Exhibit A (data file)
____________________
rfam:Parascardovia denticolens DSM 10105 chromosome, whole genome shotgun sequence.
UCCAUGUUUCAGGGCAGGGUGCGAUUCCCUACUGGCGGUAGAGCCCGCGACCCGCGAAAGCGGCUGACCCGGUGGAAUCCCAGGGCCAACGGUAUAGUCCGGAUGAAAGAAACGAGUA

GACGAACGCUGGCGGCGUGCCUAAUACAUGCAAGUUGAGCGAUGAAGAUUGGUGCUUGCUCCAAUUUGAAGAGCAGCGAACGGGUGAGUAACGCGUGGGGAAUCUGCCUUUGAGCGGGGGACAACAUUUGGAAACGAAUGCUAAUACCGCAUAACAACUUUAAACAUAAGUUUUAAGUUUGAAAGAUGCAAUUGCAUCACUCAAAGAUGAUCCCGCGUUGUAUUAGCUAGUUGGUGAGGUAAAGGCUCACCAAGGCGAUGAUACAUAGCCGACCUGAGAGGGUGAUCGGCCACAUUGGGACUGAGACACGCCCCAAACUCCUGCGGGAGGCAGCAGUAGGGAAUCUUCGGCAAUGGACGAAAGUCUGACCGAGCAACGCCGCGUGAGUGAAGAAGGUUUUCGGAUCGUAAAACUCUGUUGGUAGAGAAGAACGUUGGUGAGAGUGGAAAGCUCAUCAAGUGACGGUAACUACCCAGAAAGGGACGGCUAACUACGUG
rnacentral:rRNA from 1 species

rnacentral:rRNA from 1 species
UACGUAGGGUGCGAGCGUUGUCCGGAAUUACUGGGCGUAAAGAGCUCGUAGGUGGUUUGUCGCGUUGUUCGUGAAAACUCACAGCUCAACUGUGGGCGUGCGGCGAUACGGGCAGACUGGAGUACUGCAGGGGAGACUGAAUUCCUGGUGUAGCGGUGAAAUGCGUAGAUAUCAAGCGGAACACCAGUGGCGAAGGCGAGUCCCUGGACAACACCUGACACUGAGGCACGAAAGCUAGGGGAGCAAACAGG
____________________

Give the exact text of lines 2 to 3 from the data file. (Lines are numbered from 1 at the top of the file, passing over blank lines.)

UCCAUGUUUCAGGGCAGGGUGCGAUUCCCUACUGGCGGUAGAGCCCGCGACCCGCGAAAGCGGCUGACCCGGUGGAAUCCCAGGGCCAACGGUAUAGUCCGGAUGAAAGAAACGAGUA

GACGAACGCUGGCGGCGUGCCUAAUACAUGCAAGUUGAGCGAUGAAGAUUGGUGCUUGCUCCAAUUUGAAGAGCAGCGAACGGGUGAGUAACGCGUGGGGAAUCUGCCUUUGAGCGGGGGACAACAUUUGGAAACGAAUGCUAAUACCGCAUAACAACUUUAAACAUAAGUUUUAAGUUUGAAAGAUGCAAUUGCAUCACUCAAAGAUGAUCCCGCGUUGUAUUAGCUAGUUGGUGAGGUAAAGGCUCACCAAGGCGAUGAUACAUAGCCGACCUGAGAGGGUGAUCGGCCACAUUGGGACUGAGACACGCCCCAAACUCCUGCGGGAGGCAGCAGUAGGGAAUCUUCGGCAAUGGACGAAAGUCUGACCGAGCAACGCCGCGUGAGUGAAGAAGGUUUUCGGAUCGUAAAACUCUGUUGGUAGAGAAGAACGUUGGUGAGAGUGGAAAGCUCAUCAAGUGACGGUAACUACCCAGAAAGGGACGGCUAACUACGUG